Hard Drive Coolers... anybody use 'em?

Discussion in 'Hardware' started by gnome, May 16, 2003.

  1. Thinking of adding WD 120, 7200 RPM, to my system. My present 5400 RPM runs just barely warm to the touch. I've heard 7200s and faster should have separate cooling. Comments and/or recommendations? TIA
     
  2. Magna

    Magna Administrator

    I've been running a variety of 7200 rpm HD's (Western Digital, Maxtor, Seagate) for a number of years, since they first came out. No separate cooling fans, never a problem. Now if I were to get a 10,000 rpm drive I would definitely want a fan on it, as those babies get quite toasty.
     
  3. Just bringing this for one more shot at comments and recommendations. TIA
     
  4. prophet

    prophet

    I always compare the MTBF (Mean Time Between Failures), and tend to stay away from any hardware that runs overly hot. Fans will add vibration and noise and can fail sometimes.

    Excessive heat destroys most anything, be it hard drives, CPUs, engines, and biological life, especially anything with moving parts. Hard drives are particularly vulnerable to stress because they have moving parts and will make large swings in temperature between the idle, power down state and heavy disk access.

    I’d rather get less expensive 5400 RPM drives, or a RAID configuration, and invest in extra memory for a disk cache. Power consumption, noise and temperature will all be lower, and your data will last longer.
     
  5. nitro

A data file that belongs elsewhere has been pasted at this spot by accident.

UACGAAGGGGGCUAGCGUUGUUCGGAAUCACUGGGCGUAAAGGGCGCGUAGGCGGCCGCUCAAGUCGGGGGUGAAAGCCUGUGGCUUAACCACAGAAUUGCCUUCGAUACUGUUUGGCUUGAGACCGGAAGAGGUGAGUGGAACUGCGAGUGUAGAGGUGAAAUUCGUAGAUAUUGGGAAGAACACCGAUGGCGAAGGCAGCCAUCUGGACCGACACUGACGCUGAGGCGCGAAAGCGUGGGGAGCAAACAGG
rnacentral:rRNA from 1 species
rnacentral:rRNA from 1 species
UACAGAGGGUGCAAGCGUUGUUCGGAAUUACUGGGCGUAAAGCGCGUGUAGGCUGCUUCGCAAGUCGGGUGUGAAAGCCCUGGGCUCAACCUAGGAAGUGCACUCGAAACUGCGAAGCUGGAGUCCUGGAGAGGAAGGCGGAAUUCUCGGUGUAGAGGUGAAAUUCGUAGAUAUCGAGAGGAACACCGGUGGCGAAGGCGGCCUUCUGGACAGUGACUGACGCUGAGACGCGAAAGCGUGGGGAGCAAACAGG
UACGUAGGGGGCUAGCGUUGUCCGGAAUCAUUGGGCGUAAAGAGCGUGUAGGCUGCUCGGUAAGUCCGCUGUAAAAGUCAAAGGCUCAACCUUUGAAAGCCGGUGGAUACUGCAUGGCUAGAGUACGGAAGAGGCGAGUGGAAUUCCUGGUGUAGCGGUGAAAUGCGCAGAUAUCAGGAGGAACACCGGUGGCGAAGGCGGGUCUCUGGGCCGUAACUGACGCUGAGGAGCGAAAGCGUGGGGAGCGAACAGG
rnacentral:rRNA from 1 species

nitro

    It never hurts to have more cooling. I just blew a processor building the new freebsd "world," do to overheating.

    nitro :mad:
     
  6. prophet

    prophet

  7. Avoiding high heat components was my approach for my trading computer. I've been checking around for a 5400 RPM drive with 8mg cache... haven't found one yet.

    I'm not sure what you mean by "extra memory for disk cache" ?? Is that something I can set in Win2000??
     
  8. prophet

    prophet

    Recent versions of Windows (2K, XP, etc.) will take unused system memory and use it for disk caching.

    So for most people, having an extra 256 or 512 MB of system memory instead of a faster hard drive will make the entire system respond faster, even though accessing un-cached data is a bit slower. If you are doing data-intensive operations like video editing, a faster hard drive becomes more important.

    I have a 600 MHz P4 with 1 GB ram, and 5400 RPM drives, and it's every bit as responsive for all applications (except CPU-intensive trading system simulation) as my 2.5 GHz P4 with 512 MB ram and a 7200 RPM drive. If the hardware and OS are properly configured, you can get a lot of work done with only a 300 MHz CPU.
     
  9. prophet

    prophet

    I meant to say 600 MHz P3.
     
  10. Sheeesh.... I'm running 15,000 RPM SCSI drives :D
    If you wan't to see REAL system performance,
    IN GENERAL, focus on the harddrives.

    My applications launch so fast, you would think
    they were simply minimized :D

    I use regular drives for my "low" usage data,
    and backups, etc.

    peace

    axeman
     
    #10     May 17, 2003